nep-fle New Economics Papers
on Financial Literacy and Education
Issue of 2018‒05‒07
two papers chosen by
Viviana Di Giovinazzo
Università degli Studi di Milano-Bicocca

  1. Financial education for the disadvantaged? A review By Entorf, Horst; Hou, Jia
  2. Does Financial Literacy Improve Financial Inclusion? Cross Country Evidence By Grohmann, Antonia; Klühs, Theres; Menkhoff, Lukas

  1. By: Entorf, Horst; Hou, Jia
    Abstract: In contrast to the popularity of financial education interventions worldwide, studies on the economic effects of those interventions report mixed results. With a focus on the effect on disadvantaged groups, we review both the theoretical and empirical findings in order to understand why this discrepancy exists. The survey first highlights that it is necessary to distinguish between the concepts of, and the relationships between, financial education, financial literacy and financial behavior to identify the true effects of financial education. The review addresses possible biases caused by third factors such as numeracy. Next, we review theories on financial literacy which make clear that the effect of financial education interventions is heterogeneous across the population. Last, we look closely at main empirical studies on financial education targeted at the migrants/immigrants, the low-income earners and the young, and compare their methodologies. There seems to be a positive effect on short-term financial knowledge and awareness of the young, but there is no proven evidence on long-term behavior after being grown up. Studies on financial behavior of migrants and immigrants show almost no effect of financial education.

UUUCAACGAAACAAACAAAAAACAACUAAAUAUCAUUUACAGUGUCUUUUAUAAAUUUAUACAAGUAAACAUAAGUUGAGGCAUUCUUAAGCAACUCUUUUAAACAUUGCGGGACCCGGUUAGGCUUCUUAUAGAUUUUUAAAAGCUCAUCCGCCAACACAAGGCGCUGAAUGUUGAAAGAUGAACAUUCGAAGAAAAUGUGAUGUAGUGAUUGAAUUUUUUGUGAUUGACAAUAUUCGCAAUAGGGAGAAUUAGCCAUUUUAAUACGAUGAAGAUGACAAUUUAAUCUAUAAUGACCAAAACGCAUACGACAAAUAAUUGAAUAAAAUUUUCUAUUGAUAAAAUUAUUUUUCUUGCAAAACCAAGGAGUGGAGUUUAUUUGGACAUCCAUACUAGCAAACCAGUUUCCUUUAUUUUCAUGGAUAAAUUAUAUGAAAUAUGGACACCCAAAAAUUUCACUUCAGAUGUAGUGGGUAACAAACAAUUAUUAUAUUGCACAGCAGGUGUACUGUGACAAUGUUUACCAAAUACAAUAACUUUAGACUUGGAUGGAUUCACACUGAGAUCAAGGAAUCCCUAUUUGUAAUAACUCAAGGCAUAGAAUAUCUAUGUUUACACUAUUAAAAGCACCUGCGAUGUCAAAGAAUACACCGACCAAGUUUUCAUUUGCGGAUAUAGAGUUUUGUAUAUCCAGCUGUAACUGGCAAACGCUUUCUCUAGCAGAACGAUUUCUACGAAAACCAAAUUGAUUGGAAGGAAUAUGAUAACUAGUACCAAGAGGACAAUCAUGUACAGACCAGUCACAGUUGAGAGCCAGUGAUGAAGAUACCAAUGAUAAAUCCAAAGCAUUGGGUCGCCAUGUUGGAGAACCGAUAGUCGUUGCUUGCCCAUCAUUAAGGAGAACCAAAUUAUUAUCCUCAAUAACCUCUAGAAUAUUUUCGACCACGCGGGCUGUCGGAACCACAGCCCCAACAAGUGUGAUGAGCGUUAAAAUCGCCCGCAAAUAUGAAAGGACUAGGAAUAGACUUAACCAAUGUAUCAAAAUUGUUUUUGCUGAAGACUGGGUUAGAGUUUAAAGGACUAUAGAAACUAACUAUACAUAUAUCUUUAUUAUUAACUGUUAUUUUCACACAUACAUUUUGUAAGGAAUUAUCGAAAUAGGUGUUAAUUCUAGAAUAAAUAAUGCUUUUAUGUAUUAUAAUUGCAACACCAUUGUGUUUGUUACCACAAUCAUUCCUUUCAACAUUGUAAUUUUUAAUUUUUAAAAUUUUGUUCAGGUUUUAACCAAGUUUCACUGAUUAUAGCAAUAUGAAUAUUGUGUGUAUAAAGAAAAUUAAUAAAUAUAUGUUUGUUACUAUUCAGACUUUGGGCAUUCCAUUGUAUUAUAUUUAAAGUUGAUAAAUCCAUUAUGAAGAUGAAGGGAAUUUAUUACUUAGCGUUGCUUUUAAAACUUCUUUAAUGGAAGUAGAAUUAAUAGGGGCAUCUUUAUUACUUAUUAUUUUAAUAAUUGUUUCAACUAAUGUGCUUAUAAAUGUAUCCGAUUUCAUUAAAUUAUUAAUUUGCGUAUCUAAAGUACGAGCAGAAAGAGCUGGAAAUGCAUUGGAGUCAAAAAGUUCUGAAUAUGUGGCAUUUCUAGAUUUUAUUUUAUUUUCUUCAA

Keywords: Financial Education,Financial Literacy,Inequality,Program Evaluation
    JEL: G28 I24 I25 I28
    Date: 2018
  2. By: Grohmann, Antonia (DIW Berlin); Klühs, Theres (Leibniz Universität Hannover); Menkhoff, Lukas (DIW Berlin and Humboldt Universität Berlin)
    Abstract: While financial inclusion is typically addressed by improving the financial infrastructure, we show that a higher degree of financial literacy also has a clear beneficial effect. We study this effect at the cross-country level, which allows us to consider institutional variation. Regarding \"access to finance\", financial infrastructure and financial literacy are mainly substitutes. However, regarding the \"use of financial services\", the effect of higher financial literacy strengthens the effect of more financial depth. The causal interpretation of these results is supported by IV-regressions. Moreover, the positive impact of financial literacy holds across income levels and several subgroups within countries.
    Keywords: financial inclusion; financial literacy; financial institutions; financial development;
    JEL: G02
    Date: 2018–04–26

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